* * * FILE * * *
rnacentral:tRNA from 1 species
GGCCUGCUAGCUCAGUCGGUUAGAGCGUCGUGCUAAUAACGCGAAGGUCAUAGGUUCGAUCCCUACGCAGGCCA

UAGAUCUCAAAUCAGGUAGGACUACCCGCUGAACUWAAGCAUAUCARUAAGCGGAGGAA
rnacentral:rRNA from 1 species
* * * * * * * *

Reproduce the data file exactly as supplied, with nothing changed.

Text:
rnacentral:tRNA from 1 species
GGCCUGCUAGCUCAGUCGGUUAGAGCGUCGUGCUAAUAACGCGAAGGUCAUAGGUUCGAUCCCUACGCAGGCCA

UAGAUCUCAAAUCAGGUAGGACUACCCGCUGAACUWAAGCAUAUCARUAAGCGGAGGAA
rnacentral:rRNA from 1 species